E 86

c.11798A > G

p.Tyr3933Cys

VUS

[7]

 44:32

E 41

c.6721C > T

p.Arg2241*

Clinically recessiveb

Pathogenic

[7]

E 96

c.14126C > T

p.Thr4709Met

Pathogenic

[76]

 45:15

E 41

c.6671G > A

p.Arg2224His

Recessive

VUS

dbSNP# 537994744

E 103

c.14818G > A

p.Ala4940Thr

Pathogenic

[59]

 46:33

E 45

c.7300G > A

p.Gly2434Arg

Clinically recessiveb

Pathogenic

[14]

E 101

c.14623A > G

p.Met4875Val

VUS

This manuscript

 47:34

E26

c.3495C > T

p.Gly1165Gly

Recessive

VUS

dbSNP# 772616442

E33

c.4817G > A

p.Arg1606His

VUS

dbSNP# 368399715

E90

c.12499G > T

p.Glu4167*

Pathogenic

dbSNP# 772494345

E exon number, I intron number, LOVD Leiden Open (source) Variation Database, dbSNP single nucleotide polymorphism database, gnomAD The Genome Aggregation Database, VUS variant of uncertain significance

aDetermined by genetic testing reports and validation using Alamut Visual

bSuch cases did not have parental genetic testing, therefore, a plausible mode of inheritance was established through careful evaluation of clinical manifestations

Table 2

Summary demographics of the RYR1-RD affected individuals

Measure

Total cohort

Mode of inheritance

Affected RyR1 domain(s)

(n = 47)

AD/DN (n = 35)

AR (n = 12)

CS (n = 12)

CAC (n = 29)

Both domains (n = 6)

Age at enrolment, years

28.6 ± 17.3a

31.7 ± 17.2

20.8 ± 15.2

29.1 ± 17.9

31.3 ± 17.3

15.2 ± 10.3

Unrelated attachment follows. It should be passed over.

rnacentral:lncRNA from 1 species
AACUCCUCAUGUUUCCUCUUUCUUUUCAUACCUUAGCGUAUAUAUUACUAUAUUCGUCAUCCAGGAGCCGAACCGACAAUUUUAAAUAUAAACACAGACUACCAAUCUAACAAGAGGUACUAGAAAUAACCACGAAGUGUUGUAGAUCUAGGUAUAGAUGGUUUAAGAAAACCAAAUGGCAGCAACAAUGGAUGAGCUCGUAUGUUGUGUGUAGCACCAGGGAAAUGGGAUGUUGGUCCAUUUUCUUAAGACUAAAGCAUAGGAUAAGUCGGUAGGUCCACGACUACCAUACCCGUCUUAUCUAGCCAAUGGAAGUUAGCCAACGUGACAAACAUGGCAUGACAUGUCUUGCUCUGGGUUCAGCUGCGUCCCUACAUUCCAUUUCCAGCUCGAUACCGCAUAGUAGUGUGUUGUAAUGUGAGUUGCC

Age at RYR1-RD diagnosis, years

22.3 ± 10.1

29.1 ± 17.9

18.2 ± 15.5

26.6 ± 18.1

29.5 ± 17.7

10.7 ± 9.5

Sex, ♂/♀

20:27b

15:20

5:7

5:7

13:16

2:4

Pediatric/adult

16:31

10:25

6:6

4:8

8:21

4:2

Height, cm

154.1 ± 20.0

156.4 ± 19.8

148.7 ± 20.0

154.4 ± 20.2

155.4 ± 19.1

147.6 ± 25.9

Weight, kg

57.0 ± 27.9

62.4 ± 29.1

45.2 ± 23.1

62.3 ± 32.7

59.0 ± 26.1

36.8 ± 20.0

BMI, kg/m2

22.7 ± 8.3

24.2 ± 8.8

19.2 ± 6.0

24.6 ± 9.8

23.3 ± 7.7

15.9 ± 3.6

AD/DN autosomal dominant/de novo, AR autosomal recessive, CS only the RyR1 CS affected, CAC only the RyR1 CAC affected

aData are expressed as mean ± SD

bData are expressed as frequency

Table 3

Affected RyR1 region(s), physico-chemical changes for missense substitutions and functional studies

Case:Family

RYR1 variant

Affected RyR1 region

Affected RyR1 functional site

Change in amino acid composition (AU)

Change in amino acid polarity (AU)

Change in amino acid molecular volume (AU)

Grantham distance (AU)

Functional studies

References

Participants with variant(s) affecting only the RyR1 cytosolic shell

 1:1